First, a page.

Can it get any worse? 

The sewage crisis has been one of the defining themes of the Conservative party’s 14 years in government.

Ahead of the General Election, Conservative Party deputy chair Angela Richardson called the sewage crisis “a political football.” Quelle surprise! That’s what happens when the incumbent political party drops the ball and then tries to spin itself out of a hole only to dig it deeper.

Tracking back, first there was the habitual denial of anything approaching a significant problem. Ministers delighted in saying it was all down to unpredictably heavy rain overwhelming our Victorian sewage network, only for it later to be shown that barely 12% of the network in England & Wales dates from the 19th century.

Ah, but sewage overflows into rivers and coastal waters perform an important emergency function claimed ministers, only to witness water companies increase their abuse of the term ‘exceptional circumstances’ and bake the practice of dumping sewage into their business model.

Then govt passed legislation that, in effect, let the water companies off the hook while also attempting to frighten the nation with vastly exaggerated estimates of the cost to households of upgrading the sewage network.

Why all the dishonesty and deflection? Was it to protect the water companies and their predominantly private equity owners? Or to deflect attention from the source of the problem, namely privatisation and lack of effective regulation dating from the Thatcher era? Or just a crude attempt to avoid picking up the bill?

Local and national

For many parts of the country sewage pollution has been one of the defining issues of the General Election and symptomatic of the problems associated with the Tory govt mindset of outsourcing and leaving everything to the unregulated market. It hasn’t worked and reflects badly on the Conservatives’ claim to competence – all the more so when compounded by ministers’ naive comments and undeliverable promises.

The roots of the problem are deep. First, there was an ill-advised rush by the Thatcher govt to privatise utilities back in the late eighties without effective regulatory oversight. That period of liberalisation saw many countries privatise their water supply & sewage infrastructure only to find that privatising public utilities doesn’t work when there is no means of bringing the benefits of market competition to bear. England and Chile are the only remaining nations with an entirely privatised water sector.

It’s not as if the lack of investment and modernisation by the privatised water companies wasn’t known about years ago. Nor would successive governments have failed to notice that our infrastructure was being bought up by private equity operators using borrowed money which was then loaded on to the companies’ books while the owners took generous dividends.

If the incoming Conservative Govt in 2010 had come clean and set in place a plan to refocus the regulator, Ofwat, and recognise the failure of financial mechanisms to provide anything other than a profit-focus, the Conservative Party might have been able to weather the storm. But having deliberately gutted the Environment Agency by the time the proverbial s*** hit the fan the Govt was confronted by a ‘perfect storm.’ Both regulators were and continue to be incapable of functioning properly.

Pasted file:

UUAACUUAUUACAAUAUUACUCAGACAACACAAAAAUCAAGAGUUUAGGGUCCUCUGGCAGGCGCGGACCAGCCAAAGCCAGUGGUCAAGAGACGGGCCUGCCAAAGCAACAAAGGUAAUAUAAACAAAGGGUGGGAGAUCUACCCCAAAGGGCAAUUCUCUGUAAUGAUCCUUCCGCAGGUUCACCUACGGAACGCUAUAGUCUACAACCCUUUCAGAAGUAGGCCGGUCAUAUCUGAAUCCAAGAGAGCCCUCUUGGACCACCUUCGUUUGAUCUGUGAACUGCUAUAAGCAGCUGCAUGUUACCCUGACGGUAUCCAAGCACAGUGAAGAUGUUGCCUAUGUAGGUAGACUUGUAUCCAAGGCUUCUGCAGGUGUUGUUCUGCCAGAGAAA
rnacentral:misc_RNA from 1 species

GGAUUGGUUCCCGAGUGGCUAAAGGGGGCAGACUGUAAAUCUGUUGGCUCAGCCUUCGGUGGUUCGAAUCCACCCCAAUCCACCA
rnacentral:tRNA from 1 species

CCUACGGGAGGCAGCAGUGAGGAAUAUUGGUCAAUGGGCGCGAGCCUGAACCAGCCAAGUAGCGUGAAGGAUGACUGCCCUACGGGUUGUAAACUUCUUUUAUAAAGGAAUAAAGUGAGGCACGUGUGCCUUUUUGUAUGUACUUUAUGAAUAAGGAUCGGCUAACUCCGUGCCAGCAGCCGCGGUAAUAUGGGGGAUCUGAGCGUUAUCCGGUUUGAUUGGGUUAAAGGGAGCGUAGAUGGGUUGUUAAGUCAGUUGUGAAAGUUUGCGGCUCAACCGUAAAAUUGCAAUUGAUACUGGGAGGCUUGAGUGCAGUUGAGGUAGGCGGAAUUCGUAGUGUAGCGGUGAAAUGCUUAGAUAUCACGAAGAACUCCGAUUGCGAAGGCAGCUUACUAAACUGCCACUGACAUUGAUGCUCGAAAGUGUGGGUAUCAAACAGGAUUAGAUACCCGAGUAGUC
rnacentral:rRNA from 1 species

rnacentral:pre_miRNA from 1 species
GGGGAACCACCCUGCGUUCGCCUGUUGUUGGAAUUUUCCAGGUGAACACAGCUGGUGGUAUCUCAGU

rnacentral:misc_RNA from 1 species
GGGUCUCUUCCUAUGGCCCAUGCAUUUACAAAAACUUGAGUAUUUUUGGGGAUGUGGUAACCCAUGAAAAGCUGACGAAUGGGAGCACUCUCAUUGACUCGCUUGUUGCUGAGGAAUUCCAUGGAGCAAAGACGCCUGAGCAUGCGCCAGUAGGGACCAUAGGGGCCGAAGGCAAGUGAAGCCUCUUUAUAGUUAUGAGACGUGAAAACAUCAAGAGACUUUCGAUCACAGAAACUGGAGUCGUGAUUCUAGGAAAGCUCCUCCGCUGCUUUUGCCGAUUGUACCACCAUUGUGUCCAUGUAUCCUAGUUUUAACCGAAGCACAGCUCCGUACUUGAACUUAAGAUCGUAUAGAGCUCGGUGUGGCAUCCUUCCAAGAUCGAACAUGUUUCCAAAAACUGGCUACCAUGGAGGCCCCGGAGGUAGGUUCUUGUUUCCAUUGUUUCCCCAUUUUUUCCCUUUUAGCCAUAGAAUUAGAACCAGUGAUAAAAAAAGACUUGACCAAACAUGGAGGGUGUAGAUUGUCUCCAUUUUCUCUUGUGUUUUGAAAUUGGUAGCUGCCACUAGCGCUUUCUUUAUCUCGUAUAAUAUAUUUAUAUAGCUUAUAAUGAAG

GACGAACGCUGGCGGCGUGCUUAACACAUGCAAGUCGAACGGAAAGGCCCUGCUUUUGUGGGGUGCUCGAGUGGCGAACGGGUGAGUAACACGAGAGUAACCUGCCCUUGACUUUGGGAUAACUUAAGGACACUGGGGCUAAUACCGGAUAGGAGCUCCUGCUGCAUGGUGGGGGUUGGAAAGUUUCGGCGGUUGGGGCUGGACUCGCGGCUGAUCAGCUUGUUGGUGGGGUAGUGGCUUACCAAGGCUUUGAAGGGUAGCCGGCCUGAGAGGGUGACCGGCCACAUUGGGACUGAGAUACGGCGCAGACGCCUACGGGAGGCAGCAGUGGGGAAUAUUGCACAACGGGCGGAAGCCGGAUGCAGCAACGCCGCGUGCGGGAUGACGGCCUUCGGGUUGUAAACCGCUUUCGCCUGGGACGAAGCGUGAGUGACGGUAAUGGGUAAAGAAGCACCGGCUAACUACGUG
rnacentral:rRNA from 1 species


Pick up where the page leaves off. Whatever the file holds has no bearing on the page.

As if to add insult to injury, just days ahead of the election Thames Water blithely demonstrated how the whole system has gone off the rails. First the company agreed a £150m dividend to its private equity owners and then revealed that investors had abandoned plans to inject £500m of emergency funding into the firm.

That two-fingered gesture was swiftly followed by Thames’ publication of a report warning that £19bn of its infrastructure is in “poor” or “failed” condition – with pipes, sewage plants, monitoring technology and other assets posing “a risk to public safety, water supply and the environment”.

They knew all along, so did the government. Thames are not the only perpetrators. Anglian Water, who handle most of Uttlesford’s sewage, also have a massive investment deficit in the district and are responsible for serious pollution of our chalk streams.


Possibly the biggest development in the ongoing sewage scandal came on July 2nd, just 2 days before election day. The Supreme Court has ruled that water companies can be sued for nuisance or trespass for dumping sewage even if there has been no negligence or misconduct. Not only does this open the way for thousands of claims by swimmers, fishing clubs, riparian owners, oyster and mussel growers, and many others, but throws wide open yet again the questions surrounding the behaviour of the water companies and their owners, and the role of government.

The next sewage scandal

Dirty water profit

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